La Mesa

LMPD Chief Announces Retirement

Chief Walt Vasquez led the department for five years after a 29-year stint with SDPD


La Mesa Police Chief Walt Vasquez's 5-year run at the top of the department will come to an end at the end of the month.

Chief Vasquez announced his retirement Thursday, a decision the city said would have come sooner if not for the coronavirus pandemic.

Chief Vasquez "opted to remain in his leadership post to assist the Police Department and the City of La Mesa with navigating a situation that our nation had not seen for more than a century," the city said.

Vasquez's retirement will be official on August 27. An interim chief has not been named.

"Over the past five years, our team has worked very hard to keep the citizens of La Mesa safe. The decrease in property and violent crimes in the City from 2015 to 2019 has been the largest decrease of all incorporated cities in San Diego County," Vasquez said. “This is extraordinary, especially when you take into consideration that the La Mesa Police Department is one of the lower staffed departments in the County. Crime decreases of this nature are only achieved through hard work and collaboration with the citizens we serve.”

Vasquez was appointed chief in April of 2015 following a 29-year stint with the San Diego Police Department that ended with him serving as Assistant Chief.

He has also served as the President of the California Chapter of the FBI National Academy Associates, and has served on the board of directors of San Diego Youth Services and San Diego’s Trauma Intervention Program.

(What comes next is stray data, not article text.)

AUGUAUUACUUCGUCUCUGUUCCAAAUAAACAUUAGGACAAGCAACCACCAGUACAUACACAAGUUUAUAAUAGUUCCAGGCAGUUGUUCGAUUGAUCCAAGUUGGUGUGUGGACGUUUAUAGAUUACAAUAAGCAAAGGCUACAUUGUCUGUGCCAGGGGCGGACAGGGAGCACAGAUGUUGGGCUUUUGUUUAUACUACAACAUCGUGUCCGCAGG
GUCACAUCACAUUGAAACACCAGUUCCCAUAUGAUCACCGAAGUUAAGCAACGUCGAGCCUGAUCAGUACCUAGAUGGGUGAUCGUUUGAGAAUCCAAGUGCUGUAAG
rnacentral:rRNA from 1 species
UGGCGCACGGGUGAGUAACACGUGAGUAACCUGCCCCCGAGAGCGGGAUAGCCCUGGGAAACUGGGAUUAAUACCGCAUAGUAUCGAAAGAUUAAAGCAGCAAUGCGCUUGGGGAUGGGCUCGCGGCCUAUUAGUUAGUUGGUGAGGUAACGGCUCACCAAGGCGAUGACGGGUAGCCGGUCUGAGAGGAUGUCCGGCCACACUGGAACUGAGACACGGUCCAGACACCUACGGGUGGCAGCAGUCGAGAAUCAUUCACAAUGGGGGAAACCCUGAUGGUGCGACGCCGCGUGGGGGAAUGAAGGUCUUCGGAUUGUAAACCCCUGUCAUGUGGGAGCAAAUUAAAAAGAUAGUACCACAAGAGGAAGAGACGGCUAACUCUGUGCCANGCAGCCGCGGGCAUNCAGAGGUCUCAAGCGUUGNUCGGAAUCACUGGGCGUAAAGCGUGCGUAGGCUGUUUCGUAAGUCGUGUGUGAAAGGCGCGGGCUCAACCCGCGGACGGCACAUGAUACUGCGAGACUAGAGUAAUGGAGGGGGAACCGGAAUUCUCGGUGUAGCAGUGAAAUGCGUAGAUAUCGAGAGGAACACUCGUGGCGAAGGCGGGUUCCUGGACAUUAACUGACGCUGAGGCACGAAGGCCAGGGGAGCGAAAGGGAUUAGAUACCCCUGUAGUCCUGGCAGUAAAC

The department has been under public scrutiny of late following use of force incidents involving LMPD officers.

The first was the controversial arrest of a Black man by a LMPD officer in late May. The charges were later dropped. Vasquez last said he had finished his review of the incident but offered no insight into his findings, citing due process.

The arrest, which quickly went viral on social media, came just a few days after the killing of George Floyd at the hands of police in Minneapolis. The arrest incident, coupled with nationwide protests that followed Floyd's killing, fueled a massive protest outside of the La Mesa Police Department the following weekend.

As night fell the mostly peaceful demonstration was overshadowed by instigators who allegedly threw objects at police, vandalized the police department, and looted and set fire to businesses in the city's downtown district.

Amid the clash between law enforcement and civilians, protester Leslie Furcron was shot in the head by a beanbag round by an LMPD officer after she allegedly threw something at another group of law enforcement agents.

This week the city of La Mesa announced the hiring of an outside firm to review Vasquez's department's response to the protest.

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